Innovation pays off in a challenging market
MUSKEGON — Innovation is one way Fleet Engineers Inc. of Muskegon has stayed competitive for more than 40 years in a market as volatile as the trucking industry. That lesson is not lost on Wes Eklund.
Eklund's career in truck fleet components actually began in 1965 when he was 10 years old. That was when he started working at Fleet Engineers, owned by his father, Louis Eklund Jr.
His job was dipping parts into a five-gallon bucket of paint.
"I've been working here for my whole career," said the 53-year-old Eklund, who has been president of the company since 1990, but has worked there full time since he was 18. His education did not stop then, however. While working full time, he also attended GVSU, eventually earning a degree in business administration with a major emphasis on management and a minor in economics.
Louis Eklund Jr. started Fleet Engineers in 1963 to produce add-ons for semi-trailers and semi-tractors. A spring-loaded mud flap bracket that the company patented in the 1970s is still a major product and is known among truck fleet managers. The spring absorbs shocks that would otherwise shorten the life of the mud flap.
As the trucking industry goes, so goes the fate of Fleet Engineers, and for the last two years the going has been rough. A couple of years ago, Fleet Engineers had about 125 employees. Today it is down to about 100.
"Our industry tends to be a bit cyclical," said Eklund.
Many of the changes driving the trucking industry are the result of government regulation, he said. For example, a new federal law took effect in January 2007 that required a higher level of emission controls on semi-truck engines. The technological changes added an additional $10,000 to the cost of a semi-tractor and also reduced mileage efficiency by about one-half mile per gallon of fuel — and it also increased the cost of maintenance on those engines, according to Eklund.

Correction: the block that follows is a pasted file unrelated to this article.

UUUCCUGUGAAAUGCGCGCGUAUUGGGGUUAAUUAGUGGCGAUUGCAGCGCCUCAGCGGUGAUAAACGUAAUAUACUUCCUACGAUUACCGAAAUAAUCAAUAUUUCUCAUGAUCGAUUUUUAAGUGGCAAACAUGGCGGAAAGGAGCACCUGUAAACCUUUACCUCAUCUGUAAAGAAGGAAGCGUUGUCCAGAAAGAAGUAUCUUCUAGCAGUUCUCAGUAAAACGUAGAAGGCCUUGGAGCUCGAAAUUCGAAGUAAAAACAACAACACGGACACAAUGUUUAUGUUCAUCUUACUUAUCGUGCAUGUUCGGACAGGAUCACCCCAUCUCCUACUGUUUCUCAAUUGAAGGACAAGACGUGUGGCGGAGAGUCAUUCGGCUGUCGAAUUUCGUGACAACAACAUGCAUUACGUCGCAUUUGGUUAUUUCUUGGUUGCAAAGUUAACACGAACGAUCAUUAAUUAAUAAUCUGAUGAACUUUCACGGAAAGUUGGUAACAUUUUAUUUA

The result of that Jan. 1, 2007, regulatory deadline was a decision by many owner/operators and truck fleet managers to move up their planned purchases of new trucks and trailers before 2007, which caused a bubble of business activity for Eklund and the truck manufacturers in 2006. But after the deadline, there was a dip in sales of new trucks and equipment. Because much of Fleet Engineers production goes on new trucks, that caused a dip in Eklund's business.
"Our dip was kind of prolonged by the current issues in the economy," he said. Eklund said the company suffered a 10 percent drop in 2007 and another 10 percent drop in business so far this year.
Fuel and credit are the two major financial issues in the trucking industry, and those factors are hardest on small, independent trucking companies, which make up the vast majority of the trucks on the road. It is the small trucking fleets that are least able to absorb the radical fuel cost increases.
As for the tightening credit situation that has impacted business as well as individuals, a new tractor-trailer rig costs about $120,000 — "obviously, credit plays a big role in that," said Eklund.
As a manufacturing company, there are other economic factors bedeviling Fleet Engineers. For one thing, steel prices are up worldwide: In the U.S., steel almost doubled in price from 2007 to 2008. Fleet uses a couple million pounds of steel a year, said Eklund.
When asked to predict the business situation for Fleet Engineering a year from now, Eklund said he anticipates things being flat. Most of the volatility in Fleet’s markets is among new truck dealers and trailer manufacturers, but Eklund’s company also serves the aftermarket, and that is less volatile than new truck sales.